We are starting humanities labs here at the Franklin Humanities Institute and label I am often asked if "humanities" and "lab" go together in ways other than "science studies" and I find myself saying over and over that ANYTHING, in any field, is humanities so long as it is rooted in the ages' old humanistic concern for "what it means to be human in civil society"---with each term in that phrase subject of interrogation and deconstruction. I'm writing on the neuorscience of attention now and the digital but it is utterly humanistic because I reflexively ask the historical and the ontological questions evne thoughI am writing for a trade audience. I found your comments on expectation and analysis very exciting in this pov. Not asked as a cognitive psychologist would but multi-dimensionally as a humanist would. thank you!
Moments of unmet expectations have been very fruitful 'on the ground'--and have been the start of many of the real reaching out, or reaching across between parts of the team. And of course, at an analytic level, they are moments when assumptions are revealed. Would love to read more about this work on neuroscience of attention. We are developing work at teh VKS in Rotterdam on neuroscience of decision-making and its growing role in 'civil society'.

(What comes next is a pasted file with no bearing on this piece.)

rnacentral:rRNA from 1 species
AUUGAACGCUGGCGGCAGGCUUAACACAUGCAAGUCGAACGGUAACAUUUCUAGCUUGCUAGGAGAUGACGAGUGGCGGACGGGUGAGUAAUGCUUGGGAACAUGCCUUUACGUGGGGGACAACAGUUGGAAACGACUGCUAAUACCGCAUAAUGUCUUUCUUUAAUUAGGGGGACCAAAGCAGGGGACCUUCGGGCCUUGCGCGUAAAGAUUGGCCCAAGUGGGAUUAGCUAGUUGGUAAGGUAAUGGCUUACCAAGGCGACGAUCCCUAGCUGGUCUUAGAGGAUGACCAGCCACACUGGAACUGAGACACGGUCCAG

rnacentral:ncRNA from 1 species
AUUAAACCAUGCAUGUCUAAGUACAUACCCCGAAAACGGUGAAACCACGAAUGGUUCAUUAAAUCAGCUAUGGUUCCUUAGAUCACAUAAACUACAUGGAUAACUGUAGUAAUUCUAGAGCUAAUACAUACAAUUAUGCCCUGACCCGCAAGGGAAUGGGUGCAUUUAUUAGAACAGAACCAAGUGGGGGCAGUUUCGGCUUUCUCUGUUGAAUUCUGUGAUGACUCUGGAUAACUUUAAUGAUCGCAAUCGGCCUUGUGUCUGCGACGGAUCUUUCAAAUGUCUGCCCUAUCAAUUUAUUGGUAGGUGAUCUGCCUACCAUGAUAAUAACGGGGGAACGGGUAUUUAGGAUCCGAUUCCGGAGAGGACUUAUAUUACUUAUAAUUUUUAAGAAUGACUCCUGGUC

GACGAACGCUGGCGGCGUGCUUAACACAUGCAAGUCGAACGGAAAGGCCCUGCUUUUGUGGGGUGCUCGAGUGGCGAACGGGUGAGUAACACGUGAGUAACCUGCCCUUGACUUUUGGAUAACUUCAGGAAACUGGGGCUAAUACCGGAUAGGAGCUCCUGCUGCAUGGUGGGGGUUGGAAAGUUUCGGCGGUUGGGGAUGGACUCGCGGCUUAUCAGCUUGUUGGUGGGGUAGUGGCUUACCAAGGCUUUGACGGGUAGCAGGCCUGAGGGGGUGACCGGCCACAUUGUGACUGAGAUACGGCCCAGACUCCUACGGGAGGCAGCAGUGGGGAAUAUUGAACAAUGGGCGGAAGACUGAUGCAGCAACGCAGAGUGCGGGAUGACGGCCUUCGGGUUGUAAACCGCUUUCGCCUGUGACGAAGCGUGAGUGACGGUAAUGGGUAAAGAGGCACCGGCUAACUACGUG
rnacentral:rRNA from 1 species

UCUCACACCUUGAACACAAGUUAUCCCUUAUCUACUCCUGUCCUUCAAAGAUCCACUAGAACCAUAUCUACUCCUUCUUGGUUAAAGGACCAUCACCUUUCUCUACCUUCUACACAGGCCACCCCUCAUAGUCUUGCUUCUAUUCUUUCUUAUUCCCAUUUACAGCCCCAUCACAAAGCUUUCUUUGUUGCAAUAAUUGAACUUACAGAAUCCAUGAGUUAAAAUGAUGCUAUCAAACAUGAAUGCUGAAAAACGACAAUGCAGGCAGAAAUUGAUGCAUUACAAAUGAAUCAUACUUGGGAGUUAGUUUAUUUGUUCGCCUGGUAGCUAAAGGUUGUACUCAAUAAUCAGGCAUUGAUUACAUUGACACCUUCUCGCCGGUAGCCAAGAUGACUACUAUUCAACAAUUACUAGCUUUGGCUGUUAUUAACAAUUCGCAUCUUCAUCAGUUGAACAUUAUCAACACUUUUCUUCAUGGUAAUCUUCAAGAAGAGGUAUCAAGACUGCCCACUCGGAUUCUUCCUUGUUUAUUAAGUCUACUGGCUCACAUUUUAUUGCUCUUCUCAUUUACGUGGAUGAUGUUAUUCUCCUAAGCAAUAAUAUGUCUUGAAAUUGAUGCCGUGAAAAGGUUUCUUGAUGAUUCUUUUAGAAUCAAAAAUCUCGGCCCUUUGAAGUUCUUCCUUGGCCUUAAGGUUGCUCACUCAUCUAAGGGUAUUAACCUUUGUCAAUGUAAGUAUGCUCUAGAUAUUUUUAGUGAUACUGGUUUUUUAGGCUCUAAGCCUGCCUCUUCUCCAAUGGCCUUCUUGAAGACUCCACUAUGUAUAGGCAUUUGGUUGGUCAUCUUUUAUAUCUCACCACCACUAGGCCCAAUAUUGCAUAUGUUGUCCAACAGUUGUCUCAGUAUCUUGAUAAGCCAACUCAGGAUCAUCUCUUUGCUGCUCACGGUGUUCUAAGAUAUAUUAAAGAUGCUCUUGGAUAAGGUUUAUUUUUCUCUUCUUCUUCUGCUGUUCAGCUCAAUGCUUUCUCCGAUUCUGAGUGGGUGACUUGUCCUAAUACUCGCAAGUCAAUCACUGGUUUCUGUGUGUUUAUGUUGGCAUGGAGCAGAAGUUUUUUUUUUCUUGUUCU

do not know yet, still into it
What do you see as the main correlation?
What I like is the "unpolished" character of this presentation. so no polished project overview but on the one hand the issue of expectation, which is ABSOLUTELY crucial, and how this is perceived in day to day work on this. Also the difference in perspectives from different backgrounds.
Yes, the difference in disciplinary backgrounds and expectations was also very important for us, and I am glad it came out in the presentation.
When I watched the presentation again, I was thinking about some of the reactions of colleagues, asking what was specific about humanities in what we raised. And I was thinking that the sensibility of taking something odd and turning it into something fruitful for research was actually quite an ethnographic thing to do.
I certainly agree with that, the unexpected is one of the main features of ethnographic research.